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TPG reader Alex sent me a message on Facebook to ask about AAdvantage elite status:
“If my address is not in the US, do I still need to meet American’s EQD requirements to earn status in 2017?”
After holding its ground for several years, American Airlines recently announced that it will follow Delta and United by adding a revenue component to elite qualification. Starting in 2017, frequent flyers will need to meet annual spending thresholds in order to earn AAdvantage status — anywhere from $3,000 for Gold to $12,000 for Executive Platinum. While those amounts are roughly in line with the other airlines, the requirements may be a bit more stringent overall, as American hasn’t specified any opportunities to avoid them.
Both Delta and United waive revenue requirements for members who are registered at an address outside the US. You can also circumvent those requirements by spending $25,000 on a co-branded credit card (though that doesn’t apply to top-tier Premier 1K status on United). Unfortunately, American isn’t following suit — at least not yet. Based on the current plan, Elite Qualifying Dollar (EQD) requirements will apply to all AAdvantage members regardless of location, and credit card spending won’t be a factor.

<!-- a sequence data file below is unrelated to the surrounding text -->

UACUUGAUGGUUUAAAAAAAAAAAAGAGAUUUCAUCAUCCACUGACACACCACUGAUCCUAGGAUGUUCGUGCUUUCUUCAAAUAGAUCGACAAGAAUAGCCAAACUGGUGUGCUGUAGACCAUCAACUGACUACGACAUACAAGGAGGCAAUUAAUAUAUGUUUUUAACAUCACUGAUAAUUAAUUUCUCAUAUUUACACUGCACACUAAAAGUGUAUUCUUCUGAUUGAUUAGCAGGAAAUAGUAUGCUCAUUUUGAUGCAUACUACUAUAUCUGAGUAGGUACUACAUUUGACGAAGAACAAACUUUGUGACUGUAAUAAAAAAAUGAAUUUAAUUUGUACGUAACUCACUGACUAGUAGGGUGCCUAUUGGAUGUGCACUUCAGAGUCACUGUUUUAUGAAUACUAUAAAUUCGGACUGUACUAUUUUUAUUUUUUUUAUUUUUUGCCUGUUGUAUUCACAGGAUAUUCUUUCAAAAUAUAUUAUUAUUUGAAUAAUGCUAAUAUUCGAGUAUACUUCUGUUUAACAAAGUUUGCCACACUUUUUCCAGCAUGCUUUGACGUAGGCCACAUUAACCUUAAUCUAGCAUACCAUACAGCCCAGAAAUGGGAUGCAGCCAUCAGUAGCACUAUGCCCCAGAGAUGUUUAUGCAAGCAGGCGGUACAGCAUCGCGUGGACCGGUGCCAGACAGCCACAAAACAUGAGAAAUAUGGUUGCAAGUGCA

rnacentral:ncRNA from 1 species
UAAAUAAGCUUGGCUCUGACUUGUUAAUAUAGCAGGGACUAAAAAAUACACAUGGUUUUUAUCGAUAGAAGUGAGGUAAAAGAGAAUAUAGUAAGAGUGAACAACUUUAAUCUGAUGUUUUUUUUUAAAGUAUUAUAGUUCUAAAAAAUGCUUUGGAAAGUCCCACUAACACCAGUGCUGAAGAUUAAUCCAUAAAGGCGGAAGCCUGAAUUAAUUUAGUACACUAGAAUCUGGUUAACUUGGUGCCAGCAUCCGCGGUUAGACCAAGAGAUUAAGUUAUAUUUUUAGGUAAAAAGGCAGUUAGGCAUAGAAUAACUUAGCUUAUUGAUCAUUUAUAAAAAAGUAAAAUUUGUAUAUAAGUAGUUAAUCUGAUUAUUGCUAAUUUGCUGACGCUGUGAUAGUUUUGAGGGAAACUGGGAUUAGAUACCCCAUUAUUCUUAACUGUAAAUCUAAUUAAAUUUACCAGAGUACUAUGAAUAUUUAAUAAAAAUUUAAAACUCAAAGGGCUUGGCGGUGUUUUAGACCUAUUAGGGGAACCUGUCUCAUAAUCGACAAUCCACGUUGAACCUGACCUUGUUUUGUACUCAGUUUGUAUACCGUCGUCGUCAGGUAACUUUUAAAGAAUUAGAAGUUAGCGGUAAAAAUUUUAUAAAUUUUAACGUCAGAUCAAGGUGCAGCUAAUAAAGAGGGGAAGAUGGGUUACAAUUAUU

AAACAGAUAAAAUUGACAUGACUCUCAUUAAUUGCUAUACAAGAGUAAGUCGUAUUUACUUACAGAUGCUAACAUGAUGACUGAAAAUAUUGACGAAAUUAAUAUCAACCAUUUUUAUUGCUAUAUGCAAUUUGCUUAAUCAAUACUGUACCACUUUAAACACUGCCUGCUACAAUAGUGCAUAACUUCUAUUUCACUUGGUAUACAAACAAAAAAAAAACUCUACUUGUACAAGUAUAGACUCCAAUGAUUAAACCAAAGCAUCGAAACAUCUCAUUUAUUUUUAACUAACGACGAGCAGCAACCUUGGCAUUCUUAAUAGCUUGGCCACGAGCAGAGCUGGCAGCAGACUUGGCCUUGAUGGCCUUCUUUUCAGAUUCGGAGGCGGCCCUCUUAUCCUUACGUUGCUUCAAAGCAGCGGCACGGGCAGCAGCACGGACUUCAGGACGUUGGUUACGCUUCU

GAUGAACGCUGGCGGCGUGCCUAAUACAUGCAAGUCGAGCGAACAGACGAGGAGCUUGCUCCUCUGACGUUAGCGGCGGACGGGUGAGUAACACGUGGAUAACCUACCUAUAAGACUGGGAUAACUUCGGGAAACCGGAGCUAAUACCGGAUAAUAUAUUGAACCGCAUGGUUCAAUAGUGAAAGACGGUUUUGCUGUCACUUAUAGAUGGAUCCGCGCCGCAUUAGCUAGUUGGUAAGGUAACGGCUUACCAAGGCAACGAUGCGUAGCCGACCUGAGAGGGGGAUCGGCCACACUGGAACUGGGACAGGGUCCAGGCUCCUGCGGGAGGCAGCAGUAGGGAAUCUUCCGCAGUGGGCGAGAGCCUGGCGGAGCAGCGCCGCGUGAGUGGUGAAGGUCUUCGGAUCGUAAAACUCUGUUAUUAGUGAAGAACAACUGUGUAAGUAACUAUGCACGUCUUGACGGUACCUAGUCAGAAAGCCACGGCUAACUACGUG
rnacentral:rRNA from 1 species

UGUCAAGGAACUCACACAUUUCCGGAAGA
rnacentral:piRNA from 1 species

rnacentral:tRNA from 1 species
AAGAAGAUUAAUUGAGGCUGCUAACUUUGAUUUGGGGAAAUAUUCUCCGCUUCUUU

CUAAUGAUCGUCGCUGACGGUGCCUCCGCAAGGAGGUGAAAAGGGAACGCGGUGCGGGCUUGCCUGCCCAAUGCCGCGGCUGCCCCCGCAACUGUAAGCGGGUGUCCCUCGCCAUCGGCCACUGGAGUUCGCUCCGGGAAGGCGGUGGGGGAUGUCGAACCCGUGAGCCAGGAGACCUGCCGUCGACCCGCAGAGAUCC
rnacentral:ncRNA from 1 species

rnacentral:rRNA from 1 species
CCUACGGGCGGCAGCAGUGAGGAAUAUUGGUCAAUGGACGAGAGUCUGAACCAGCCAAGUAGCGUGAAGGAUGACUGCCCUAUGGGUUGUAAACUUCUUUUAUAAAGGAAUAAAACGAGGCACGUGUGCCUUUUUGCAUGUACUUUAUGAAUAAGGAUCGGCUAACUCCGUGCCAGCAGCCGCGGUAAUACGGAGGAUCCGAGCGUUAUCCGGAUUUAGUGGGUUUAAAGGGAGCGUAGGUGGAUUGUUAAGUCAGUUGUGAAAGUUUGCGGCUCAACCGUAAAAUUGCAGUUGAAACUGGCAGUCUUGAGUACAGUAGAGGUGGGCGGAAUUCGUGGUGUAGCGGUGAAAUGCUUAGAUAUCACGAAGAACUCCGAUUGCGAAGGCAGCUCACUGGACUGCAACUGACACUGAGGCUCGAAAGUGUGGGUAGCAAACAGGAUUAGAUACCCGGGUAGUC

American did announce that it will no longer require you to fly four segments on its own metal in order to earn elite status; that could make qualifying a little easier for those who live abroad and mostly travel on Oneworld or other partners. It’s also worth noting that American hasn’t explicitly stated that waivers won’t be offered. In fact, a waiver is under consideration for spending on AAdvantage credit cards, so there’s a chance the new policies will be amended as the airline processes feedback from members.
We still have more than six months until the new system goes into effect. I wouldn’t be surprised to see changes made in that time, and I also won’t be surprised if American tweaks its formula in 2017 (much like Delta and United did after introducing their own revenue requirements).
For more on revenue requirements and the recent changes to the AAdvantage program, check out these posts:
- American Airlines Announces 2016 AAdvantage Program Changes
- Earning Elite and Award Miles with American, Delta and United
- How Revenue-Based Mileage Earning Affects Leisure Travelers
- Will I Earn Elite Qualifying Dollars for My Entire Fare?
Citi® / AAdvantage® Executive World Elite™ MasterCard®
|Intro APR||Regular APR||Annual Fee||Foreign Transaction Fee||Credit Rating|
|N/A||15.49% (Variable)||$450||0%||Excellent Credit|